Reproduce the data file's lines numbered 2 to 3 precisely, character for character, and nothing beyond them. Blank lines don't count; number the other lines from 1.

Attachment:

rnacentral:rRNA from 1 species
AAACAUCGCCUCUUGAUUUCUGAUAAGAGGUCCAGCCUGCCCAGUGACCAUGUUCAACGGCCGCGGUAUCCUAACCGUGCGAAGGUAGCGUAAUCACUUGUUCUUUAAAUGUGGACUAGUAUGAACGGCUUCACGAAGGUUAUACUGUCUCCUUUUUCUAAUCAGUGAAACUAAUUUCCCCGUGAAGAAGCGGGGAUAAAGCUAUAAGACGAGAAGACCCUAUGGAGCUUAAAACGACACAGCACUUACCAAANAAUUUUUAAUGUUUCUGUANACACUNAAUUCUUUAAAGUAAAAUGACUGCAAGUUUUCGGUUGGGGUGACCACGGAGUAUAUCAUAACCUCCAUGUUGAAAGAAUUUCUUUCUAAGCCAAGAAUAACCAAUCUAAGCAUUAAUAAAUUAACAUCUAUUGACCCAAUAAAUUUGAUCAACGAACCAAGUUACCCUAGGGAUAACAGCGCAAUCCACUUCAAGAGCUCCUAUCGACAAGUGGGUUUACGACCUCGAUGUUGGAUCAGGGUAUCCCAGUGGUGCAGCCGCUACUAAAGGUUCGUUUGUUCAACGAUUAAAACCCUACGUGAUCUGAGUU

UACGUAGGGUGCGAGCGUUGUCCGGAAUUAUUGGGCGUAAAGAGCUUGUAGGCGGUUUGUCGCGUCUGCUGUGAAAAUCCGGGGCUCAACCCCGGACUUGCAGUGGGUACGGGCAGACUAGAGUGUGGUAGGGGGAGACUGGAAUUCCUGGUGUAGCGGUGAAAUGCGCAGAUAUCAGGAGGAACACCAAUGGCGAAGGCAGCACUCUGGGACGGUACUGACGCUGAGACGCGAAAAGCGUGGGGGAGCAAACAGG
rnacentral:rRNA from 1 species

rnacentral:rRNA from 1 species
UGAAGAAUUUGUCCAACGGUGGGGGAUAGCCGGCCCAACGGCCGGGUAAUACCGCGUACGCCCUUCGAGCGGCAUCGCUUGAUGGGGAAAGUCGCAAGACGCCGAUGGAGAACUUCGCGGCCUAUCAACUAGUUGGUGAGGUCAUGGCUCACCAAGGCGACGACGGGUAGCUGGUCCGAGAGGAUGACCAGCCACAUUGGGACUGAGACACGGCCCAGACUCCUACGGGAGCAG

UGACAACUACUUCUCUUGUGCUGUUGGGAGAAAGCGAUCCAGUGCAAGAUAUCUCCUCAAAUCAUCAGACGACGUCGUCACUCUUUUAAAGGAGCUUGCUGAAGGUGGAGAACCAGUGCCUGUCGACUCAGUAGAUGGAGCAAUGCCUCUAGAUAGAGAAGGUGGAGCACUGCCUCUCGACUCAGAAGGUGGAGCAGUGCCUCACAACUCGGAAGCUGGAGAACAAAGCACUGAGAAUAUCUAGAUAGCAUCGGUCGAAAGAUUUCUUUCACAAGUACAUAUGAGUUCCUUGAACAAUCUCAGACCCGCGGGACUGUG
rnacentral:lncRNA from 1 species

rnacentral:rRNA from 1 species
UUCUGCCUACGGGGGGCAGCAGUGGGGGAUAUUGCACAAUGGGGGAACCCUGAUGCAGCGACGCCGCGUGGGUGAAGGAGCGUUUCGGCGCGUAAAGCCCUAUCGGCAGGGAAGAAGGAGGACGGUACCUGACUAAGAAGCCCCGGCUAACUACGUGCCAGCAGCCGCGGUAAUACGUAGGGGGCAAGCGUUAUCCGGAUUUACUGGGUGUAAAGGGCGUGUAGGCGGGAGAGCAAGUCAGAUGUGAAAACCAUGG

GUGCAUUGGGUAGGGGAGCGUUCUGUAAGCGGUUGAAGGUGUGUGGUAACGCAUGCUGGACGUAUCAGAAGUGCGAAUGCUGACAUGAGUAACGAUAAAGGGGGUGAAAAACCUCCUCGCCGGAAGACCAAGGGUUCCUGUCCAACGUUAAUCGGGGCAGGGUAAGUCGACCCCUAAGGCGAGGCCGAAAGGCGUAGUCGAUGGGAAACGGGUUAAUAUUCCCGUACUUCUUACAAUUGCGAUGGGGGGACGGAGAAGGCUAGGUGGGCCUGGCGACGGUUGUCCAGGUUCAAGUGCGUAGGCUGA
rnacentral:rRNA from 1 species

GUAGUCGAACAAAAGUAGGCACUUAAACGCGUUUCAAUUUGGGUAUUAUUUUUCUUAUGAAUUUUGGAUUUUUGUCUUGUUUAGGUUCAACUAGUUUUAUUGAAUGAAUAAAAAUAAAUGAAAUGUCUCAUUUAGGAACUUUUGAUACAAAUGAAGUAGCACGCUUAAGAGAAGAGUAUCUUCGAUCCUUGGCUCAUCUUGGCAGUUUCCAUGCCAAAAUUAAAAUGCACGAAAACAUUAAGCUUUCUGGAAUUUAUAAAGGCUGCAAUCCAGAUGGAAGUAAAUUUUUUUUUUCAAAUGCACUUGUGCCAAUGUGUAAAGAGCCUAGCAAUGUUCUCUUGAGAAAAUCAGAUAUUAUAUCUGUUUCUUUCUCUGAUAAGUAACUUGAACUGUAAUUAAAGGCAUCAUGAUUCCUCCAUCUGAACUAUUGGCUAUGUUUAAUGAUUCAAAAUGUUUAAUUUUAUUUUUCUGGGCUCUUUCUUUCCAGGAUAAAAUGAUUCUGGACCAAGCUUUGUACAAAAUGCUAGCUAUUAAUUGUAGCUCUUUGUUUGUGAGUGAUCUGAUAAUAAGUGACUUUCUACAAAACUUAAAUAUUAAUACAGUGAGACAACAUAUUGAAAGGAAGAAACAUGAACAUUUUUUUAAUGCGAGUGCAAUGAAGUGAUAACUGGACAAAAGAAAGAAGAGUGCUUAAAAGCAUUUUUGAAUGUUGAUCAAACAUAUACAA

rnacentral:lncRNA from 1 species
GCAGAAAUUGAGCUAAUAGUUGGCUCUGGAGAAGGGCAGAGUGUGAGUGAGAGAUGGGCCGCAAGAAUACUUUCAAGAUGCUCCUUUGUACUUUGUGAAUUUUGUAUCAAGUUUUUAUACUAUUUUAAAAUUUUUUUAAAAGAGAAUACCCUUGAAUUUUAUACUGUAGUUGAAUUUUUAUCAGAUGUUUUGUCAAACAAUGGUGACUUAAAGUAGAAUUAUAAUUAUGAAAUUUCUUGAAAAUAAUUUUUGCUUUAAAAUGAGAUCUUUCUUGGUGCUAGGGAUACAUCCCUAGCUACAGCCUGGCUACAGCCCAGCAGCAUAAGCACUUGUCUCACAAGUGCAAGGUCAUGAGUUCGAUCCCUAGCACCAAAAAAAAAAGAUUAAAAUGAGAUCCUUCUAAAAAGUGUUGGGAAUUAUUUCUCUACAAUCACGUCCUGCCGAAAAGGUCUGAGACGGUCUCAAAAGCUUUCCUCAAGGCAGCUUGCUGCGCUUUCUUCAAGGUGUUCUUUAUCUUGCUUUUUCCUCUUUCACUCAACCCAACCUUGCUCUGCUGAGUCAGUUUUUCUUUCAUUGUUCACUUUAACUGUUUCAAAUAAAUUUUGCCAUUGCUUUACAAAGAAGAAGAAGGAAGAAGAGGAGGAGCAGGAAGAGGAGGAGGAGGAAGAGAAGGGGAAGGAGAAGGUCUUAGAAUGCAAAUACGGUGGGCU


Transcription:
AAACAUCGCCUCUUGAUUUCUGAUAAGAGGUCCAGCCUGCCCAGUGACCAUGUUCAACGGCCGCGGUAUCCUAACCGUGCGAAGGUAGCGUAAUCACUUGUUCUUUAAAUGUGGACUAGUAUGAACGGCUUCACGAAGGUUAUACUGUCUCCUUUUUCUAAUCAGUGAAACUAAUUUCCCCGUGAAGAAGCGGGGAUAAAGCUAUAAGACGAGAAGACCCUAUGGAGCUUAAAACGACACAGCACUUACCAAANAAUUUUUAAUGUUUCUGUANACACUNAAUUCUUUAAAGUAAAAUGACUGCAAGUUUUCGGUUGGGGUGACCACGGAGUAUAUCAUAACCUCCAUGUUGAAAGAAUUUCUUUCUAAGCCAAGAAUAACCAAUCUAAGCAUUAAUAAAUUAACAUCUAUUGACCCAAUAAAUUUGAUCAACGAACCAAGUUACCCUAGGGAUAACAGCGCAAUCCACUUCAAGAGCUCCUAUCGACAAGUGGGUUUACGACCUCGAUGUUGGAUCAGGGUAUCCCAGUGGUGCAGCCGCUACUAAAGGUUCGUUUGUUCAACGAUUAAAACCCUACGUGAUCUGAGUU

UACGUAGGGUGCGAGCGUUGUCCGGAAUUAUUGGGCGUAAAGAGCUUGUAGGCGGUUUGUCGCGUCUGCUGUGAAAAUCCGGGGCUCAACCCCGGACUUGCAGUGGGUACGGGCAGACUAGAGUGUGGUAGGGGGAGACUGGAAUUCCUGGUGUAGCGGUGAAAUGCGCAGAUAUCAGGAGGAACACCAAUGGCGAAGGCAGCACUCUGGGACGGUACUGACGCUGAGACGCGAAAAGCGUGGGGGAGCAAACAGG